CPL players readjusting to life after Island Games grind: ‘It’s a little odd’

Forge FC coach Bobby Smyrniotis called it the most challenging football experience any player will face.

The six-week period in Prince Edward Island that’ll go down as The Island Games was truly a jump into a freezing deep end after a dry nine months. CPL players were forced to adapt on the fly to playing a highly-competitive game every three days, with no pre-season to get up to speed. They took it all in stride, and the event was a smash hit.

Now that they’ve all returned home, though, players are faced with the other side of the 2020 coin once again: for any club not named Forge, there’s a long off-season ahead.

Some sides — FC Edmonton, for instance, and some Calgary-based Cavalry FC players — are still training in some form while the weather is still good. Certain players have been sent out on loan. For many, though, the reality is setting in that it’ll be a few months before games resume.

CPLers have thus begun to adjust. HFX Wanderers FC goalkeeper Christian Oxner said he’ll be filling some of his free time by playing video games. If you follow João Morelli on Instagram, you’ll see he’s been living it up back home in Brazil. And players with injuries have been working hard on their recovery.

Atlético Ottawa players have all returned to their respective homes away from the capital. Pacific FC, too, told players to get their minds completely away from football for a while before returning to training.

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“Some of them would like to see their families, and to have them here training for no real particular reason didn’t sit well,” HFX coach Stephen Hart told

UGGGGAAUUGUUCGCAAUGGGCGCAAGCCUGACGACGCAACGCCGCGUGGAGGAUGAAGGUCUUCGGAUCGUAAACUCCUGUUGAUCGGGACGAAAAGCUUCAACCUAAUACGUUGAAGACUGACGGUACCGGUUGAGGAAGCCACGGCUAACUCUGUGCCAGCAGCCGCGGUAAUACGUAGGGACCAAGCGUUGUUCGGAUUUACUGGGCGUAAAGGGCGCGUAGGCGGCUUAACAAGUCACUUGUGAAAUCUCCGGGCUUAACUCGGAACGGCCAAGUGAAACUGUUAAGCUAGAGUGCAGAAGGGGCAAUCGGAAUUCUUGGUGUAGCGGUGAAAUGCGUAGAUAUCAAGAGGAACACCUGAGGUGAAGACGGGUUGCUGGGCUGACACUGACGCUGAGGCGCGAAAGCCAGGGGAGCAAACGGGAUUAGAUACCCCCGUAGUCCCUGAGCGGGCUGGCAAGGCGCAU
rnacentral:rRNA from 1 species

York9 FC midfielder Joe Di Chiara conceded that it’s been a strange transition after the non-stop action in PEI.

“It’s a little odd,” Di Chiara told “I’m at home and I wake up and I say, ‘well what am I going to do?’ It’s just a huge adjustment that you go through.”

For Di Chiara, at least, settling back into his home in York Region after The Island Games has been an almost Sartrean exercise in keeping busy.

“I was talking to my wife about it, she was like ‘How does it feel to be home?'” Di Chiara recalled. “We go from over a month of the routine and strict rules (at The Island Games) — when to wake up, when to eat — and now you’re thrown into, there’s no routine, no time, no meaning. You’re just on your own, it’s weird.”

Unfortunately (or fortunately) for Di Chiara, there’s a lot of time ahead to readjust to what life was like before The Island Games. Players will be hoping they don’t need to return to the virtual training sessions that characterized April and May, but either way the next little while isn’t likely to be too busy.

Perhaps a little rest is a good thing, though, after the gauntlet in PEI.

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